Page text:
Monday, April 11, 2011


I don’t want to harp on any particular topic within the vast Mania panoply, but this Sen. Scott Brown (R-MA) thing and the Christian summer camp suicide on Cape Cod continue to add useful examples of general Mania dynamics as more and more elements and stratagems are called into play. And I think that is worth noting.

Yesterday opinion columnist and member of the ‘Boston Globe’ editorial board Joan Venocchi published a column that demonstrates not only the many knotty and twisty ‘interests’ involved in fueling the Mania and keeping the ball rolling, but also how the Mania can be used for other purposes.

Venocchi is employed by the ‘Globe’, which is very much a ‘liberal’ paper and very much pro-Mania; it has rarely met a Mania initiative or gambit it didn’t like.

Brown is a Republican and the pol who beat the state’s female Democratic Attorney General in a special election for Teddy Kennedy’s seat when that luminary departed this mortal coil to appear before that Judge Who cannot be ‘reached’ or ‘fixed’ – no doubt a novel experience for the gentleman.

Brown has posed the paper a thorny problem: a Republican (and a male) he has made a shrewd tactical move by claiming the mantle of Victimhood with his recent assertion that he was ‘sexually abused’ (apparently groped by a young but still older camp counselor back about 40 years ago). Consequently, he has all of the rights and privileges appertaining thereto: to wit, his claim cannot be questioned, he can reveal as much or as little as he wishes, and he can do so whenever he wants and not before or not at all.

The Democrats, and perhaps the Attorney General herself, would very much like that Senatorial seat back and elections are coming up. How then do you go after Brown the politician without dissing the rights of Brown the alleged abuse-victim? And in the process perhaps exposing a whole bunch of unexamined presumptions about ‘victims’ of ‘sexual abuse’ that none of the major players and interests want to see suddenly pulled into the light of sustained – let alone skeptical – public scrutiny.

The Attorney General herself is keeping out of it, making no public statements of any substance. Her own record of ‘victories’ in Mania cases is apparently not something any of her demographics want to see dragged into the light. She counts among her supporters and colleagues a law professor at a not-first-rate local law school whose most remarkable utterance to date has been that some recent (and dubious) Mania legislation has finally overcome one of the long-standing obstacles to more prosecutions: to wit, that ‘victims’ are not getting ‘justice’ just because there is “no evidence”.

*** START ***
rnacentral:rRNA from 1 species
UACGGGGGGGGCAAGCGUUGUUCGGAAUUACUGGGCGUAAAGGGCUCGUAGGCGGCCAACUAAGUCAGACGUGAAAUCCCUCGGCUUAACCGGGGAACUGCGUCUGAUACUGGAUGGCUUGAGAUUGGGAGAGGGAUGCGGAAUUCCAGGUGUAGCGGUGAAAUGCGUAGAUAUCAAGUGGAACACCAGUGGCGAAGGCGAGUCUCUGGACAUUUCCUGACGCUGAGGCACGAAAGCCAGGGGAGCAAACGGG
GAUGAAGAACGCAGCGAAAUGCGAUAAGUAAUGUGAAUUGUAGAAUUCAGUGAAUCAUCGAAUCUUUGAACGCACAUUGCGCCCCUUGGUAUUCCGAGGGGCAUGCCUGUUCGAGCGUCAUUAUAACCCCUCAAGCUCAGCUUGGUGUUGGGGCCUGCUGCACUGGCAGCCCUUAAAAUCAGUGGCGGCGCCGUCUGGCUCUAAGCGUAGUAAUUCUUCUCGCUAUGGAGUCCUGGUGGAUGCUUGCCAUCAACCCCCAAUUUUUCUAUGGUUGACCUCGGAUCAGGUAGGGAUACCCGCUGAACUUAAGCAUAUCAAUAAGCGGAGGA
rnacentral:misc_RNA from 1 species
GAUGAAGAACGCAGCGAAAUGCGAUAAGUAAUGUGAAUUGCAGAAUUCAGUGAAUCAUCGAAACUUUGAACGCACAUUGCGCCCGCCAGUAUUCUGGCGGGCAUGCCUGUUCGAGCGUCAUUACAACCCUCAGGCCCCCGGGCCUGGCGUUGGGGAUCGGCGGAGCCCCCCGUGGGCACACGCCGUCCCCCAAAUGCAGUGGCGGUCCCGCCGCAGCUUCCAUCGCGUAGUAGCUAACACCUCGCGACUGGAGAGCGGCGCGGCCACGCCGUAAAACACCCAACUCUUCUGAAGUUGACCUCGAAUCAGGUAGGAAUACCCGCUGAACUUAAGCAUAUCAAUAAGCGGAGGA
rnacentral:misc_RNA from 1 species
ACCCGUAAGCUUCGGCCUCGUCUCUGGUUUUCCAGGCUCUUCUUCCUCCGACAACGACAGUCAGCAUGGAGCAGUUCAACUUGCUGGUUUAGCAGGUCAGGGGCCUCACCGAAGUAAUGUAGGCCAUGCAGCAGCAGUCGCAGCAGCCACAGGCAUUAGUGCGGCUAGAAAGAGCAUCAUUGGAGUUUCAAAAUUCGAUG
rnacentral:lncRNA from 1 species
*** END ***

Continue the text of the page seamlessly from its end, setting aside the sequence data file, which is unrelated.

Venocchi is trying to do her bit for the team: she calls upon Brown to reveal the name of his claimed abuser because to keep quiet about it enables the abuser to continue (raising the specter of the alleged abuser carrying on his depredations for the past 40 years and counting).

Brown may well not care to go this deep into the matter since there may come to light a whole bunch of things that he’d rather not see in the public domain – including, perhaps (though it cannot be Correctly suggested in so many words) that the whole story was overblown if not actually fabricated for personal or political gain.

So Venocchi will try to help the election outcome by going after Victim Brown in the name of all other Victims. Brown, ideally, would have to name-names or else admit that he was just trying to surf a useful wave and made the thing up. She scolds him for not fully coming forward. Interestingly, in the case of a female Boston City Councilor (and Democrat) who made an even more recent claim about being a ‘rape’ victim (see my recent Post) and refused to discuss names or dates, Venocchi has nothing to say.

She jazzes things up by referring – although with an uncharacteristically careful “alleged” – to Brown’s groper as a “pedophile” – which clinically is not evident from any information available and may not be accurate at all. (I recall that in the British government’s collaboration with the Bush Administration in the run-up to the invasion of Iraq the UK equivalent of the US Attorney General referred to Tony Blair’s insistence that the facts by “sexed up” to help move matters along … that sort of thing.)

She also sniffs that Brown’s grossly un-Correct position has not hurt him at all in his standing with Massachusetts voters, though national Democrats and others have tried hard to insert the proverbial broomstick in the rapidly spinning spokes of his bicycle wheel. Which might lead an independently-minded reader to wonder if perhaps the electorate is starting to wise up to the stampede it has been running-in for a couple-three decades now. But this is precisely NOT what Correct dogma and its cadres want to see.

The Comments by readers (which are accessible through the above link) are notable for their refreshing skepticism about Venocchi’s gambit. Which is heartening for members of the SO community who may sometimes be tempted to think that in the matter of public opinion about Things Manic they are mere voices crying in the wilderness.

Today, now, the ‘Globe’ publishes an editorial, ostensibly about Joe Biden’s unveiling last Monday of new Department of Education ‘guidelines’ that essentially seek to apply both the Sex Offense and Domestic Violence Regimes to universities (where liberated females apparently go to lots of parties and drink a great deal with loutish males and then report themselves ‘date raped’, and where sizable numbers of students apparently live together – with or without sex – in some sort of ‘intimate partner’ scenario).